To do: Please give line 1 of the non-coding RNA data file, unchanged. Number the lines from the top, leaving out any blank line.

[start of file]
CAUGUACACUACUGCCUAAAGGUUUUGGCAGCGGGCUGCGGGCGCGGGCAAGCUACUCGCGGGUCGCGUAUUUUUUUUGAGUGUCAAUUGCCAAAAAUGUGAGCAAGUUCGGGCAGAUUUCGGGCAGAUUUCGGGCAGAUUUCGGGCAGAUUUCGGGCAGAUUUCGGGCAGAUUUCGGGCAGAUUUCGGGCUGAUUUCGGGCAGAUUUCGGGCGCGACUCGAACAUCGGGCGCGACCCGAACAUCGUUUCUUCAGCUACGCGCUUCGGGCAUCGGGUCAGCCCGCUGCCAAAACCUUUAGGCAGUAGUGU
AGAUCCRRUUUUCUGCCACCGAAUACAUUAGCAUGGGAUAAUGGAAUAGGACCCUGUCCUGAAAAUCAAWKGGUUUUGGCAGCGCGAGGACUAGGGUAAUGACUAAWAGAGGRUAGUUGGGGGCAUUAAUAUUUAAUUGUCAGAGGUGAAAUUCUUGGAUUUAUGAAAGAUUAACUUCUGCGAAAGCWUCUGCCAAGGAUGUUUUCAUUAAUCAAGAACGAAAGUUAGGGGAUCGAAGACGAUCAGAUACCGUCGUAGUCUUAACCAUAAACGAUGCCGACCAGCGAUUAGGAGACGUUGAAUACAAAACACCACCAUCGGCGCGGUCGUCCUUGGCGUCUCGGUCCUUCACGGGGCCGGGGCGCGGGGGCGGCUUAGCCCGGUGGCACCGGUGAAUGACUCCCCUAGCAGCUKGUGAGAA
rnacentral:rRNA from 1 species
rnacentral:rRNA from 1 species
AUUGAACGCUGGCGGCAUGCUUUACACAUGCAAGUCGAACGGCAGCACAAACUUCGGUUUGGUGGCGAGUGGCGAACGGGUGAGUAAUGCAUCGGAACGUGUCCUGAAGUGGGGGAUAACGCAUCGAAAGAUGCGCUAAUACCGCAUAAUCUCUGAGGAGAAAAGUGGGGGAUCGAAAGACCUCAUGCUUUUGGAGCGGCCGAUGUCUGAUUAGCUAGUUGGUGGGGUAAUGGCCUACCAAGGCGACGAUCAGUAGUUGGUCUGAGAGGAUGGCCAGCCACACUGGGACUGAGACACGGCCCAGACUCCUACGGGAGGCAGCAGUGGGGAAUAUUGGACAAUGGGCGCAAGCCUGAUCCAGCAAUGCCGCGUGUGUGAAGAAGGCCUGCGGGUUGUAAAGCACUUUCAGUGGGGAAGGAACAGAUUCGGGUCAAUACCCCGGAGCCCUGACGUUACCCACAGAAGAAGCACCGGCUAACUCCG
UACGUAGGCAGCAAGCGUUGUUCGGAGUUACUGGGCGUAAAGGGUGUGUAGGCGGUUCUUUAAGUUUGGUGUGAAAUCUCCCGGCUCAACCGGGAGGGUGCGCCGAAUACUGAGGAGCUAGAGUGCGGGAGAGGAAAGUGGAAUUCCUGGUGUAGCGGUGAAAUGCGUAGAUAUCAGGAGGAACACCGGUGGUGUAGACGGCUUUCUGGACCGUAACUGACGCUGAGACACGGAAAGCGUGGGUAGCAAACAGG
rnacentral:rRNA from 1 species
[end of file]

CAUGUACACUACUGCCUAAAGGUUUUGGCAGCGGGCUGCGGGCGCGGGCAAGCUACUCGCGGGUCGCGUAUUUUUUUUGAGUGUCAAUUGCCAAAAAUGUGAGCAAGUUCGGGCAGAUUUCGGGCAGAUUUCGGGCAGAUUUCGGGCAGAUUUCGGGCAGAUUUCGGGCAGAUUUCGGGCAGAUUUCGGGCUGAUUUCGGGCAGAUUUCGGGCGCGACUCGAACAUCGGGCGCGACCCGAACAUCGUUUCUUCAGCUACGCGCUUCGGGCAUCGGGUCAGCCCGCUGCCAAAACCUUUAGGCAGUAGUGU